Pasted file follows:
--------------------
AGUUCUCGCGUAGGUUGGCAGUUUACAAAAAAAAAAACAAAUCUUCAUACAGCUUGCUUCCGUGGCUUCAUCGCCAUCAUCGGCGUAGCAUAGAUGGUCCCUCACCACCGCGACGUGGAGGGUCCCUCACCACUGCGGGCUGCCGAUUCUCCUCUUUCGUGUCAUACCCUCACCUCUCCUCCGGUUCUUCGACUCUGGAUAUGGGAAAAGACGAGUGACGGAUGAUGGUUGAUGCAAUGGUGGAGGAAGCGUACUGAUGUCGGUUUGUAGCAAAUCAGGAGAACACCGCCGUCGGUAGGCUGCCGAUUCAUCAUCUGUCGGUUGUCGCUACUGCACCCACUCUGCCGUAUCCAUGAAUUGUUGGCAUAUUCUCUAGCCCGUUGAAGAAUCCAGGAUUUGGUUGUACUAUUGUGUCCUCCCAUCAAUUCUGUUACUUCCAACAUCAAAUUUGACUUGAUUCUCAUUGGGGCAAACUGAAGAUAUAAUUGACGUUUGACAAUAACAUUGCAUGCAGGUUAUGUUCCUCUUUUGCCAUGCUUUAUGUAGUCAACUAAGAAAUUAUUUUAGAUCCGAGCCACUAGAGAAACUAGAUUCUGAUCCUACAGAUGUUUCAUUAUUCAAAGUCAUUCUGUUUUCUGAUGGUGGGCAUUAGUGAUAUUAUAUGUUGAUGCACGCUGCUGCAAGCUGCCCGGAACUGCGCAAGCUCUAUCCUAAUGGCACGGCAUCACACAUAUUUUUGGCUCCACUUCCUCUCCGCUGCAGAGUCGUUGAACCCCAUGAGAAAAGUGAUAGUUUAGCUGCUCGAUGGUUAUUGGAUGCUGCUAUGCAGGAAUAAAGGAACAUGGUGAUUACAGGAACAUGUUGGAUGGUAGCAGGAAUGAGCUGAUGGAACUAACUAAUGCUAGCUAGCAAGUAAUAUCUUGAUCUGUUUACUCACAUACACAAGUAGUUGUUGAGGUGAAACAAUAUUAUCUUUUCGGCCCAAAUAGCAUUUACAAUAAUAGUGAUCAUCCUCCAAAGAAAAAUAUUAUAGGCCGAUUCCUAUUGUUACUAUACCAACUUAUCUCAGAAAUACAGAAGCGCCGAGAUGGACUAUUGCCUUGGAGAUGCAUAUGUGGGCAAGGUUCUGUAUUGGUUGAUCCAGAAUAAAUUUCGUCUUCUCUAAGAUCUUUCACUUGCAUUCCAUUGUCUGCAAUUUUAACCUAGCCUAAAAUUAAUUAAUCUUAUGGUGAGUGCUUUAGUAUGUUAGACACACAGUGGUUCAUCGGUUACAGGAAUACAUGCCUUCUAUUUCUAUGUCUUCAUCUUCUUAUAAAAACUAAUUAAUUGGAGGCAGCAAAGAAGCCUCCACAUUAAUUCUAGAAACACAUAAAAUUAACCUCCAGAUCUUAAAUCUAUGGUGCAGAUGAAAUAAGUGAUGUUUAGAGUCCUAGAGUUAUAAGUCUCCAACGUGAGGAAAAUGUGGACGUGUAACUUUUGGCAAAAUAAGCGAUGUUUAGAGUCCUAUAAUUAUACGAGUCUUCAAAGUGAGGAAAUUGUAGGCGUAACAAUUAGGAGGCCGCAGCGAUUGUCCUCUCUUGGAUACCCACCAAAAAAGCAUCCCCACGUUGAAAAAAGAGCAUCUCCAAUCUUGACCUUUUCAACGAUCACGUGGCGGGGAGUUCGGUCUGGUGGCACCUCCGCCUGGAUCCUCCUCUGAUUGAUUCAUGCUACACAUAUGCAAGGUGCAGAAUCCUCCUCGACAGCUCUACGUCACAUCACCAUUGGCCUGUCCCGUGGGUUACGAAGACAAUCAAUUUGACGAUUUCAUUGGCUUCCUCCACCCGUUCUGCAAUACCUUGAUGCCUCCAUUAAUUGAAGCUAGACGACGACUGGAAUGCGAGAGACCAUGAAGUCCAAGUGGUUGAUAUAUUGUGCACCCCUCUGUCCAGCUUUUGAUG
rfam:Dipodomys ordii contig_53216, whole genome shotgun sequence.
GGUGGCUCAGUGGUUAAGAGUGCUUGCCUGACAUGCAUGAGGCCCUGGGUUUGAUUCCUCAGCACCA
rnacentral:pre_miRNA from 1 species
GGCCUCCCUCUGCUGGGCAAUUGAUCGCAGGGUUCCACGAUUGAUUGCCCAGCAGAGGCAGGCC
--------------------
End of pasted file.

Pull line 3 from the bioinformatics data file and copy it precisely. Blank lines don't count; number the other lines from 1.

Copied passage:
GGUGGCUCAGUGGUUAAGAGUGCUUGCCUGACAUGCAUGAGGCCCUGGGUUUGAUUCCUCAGCACCA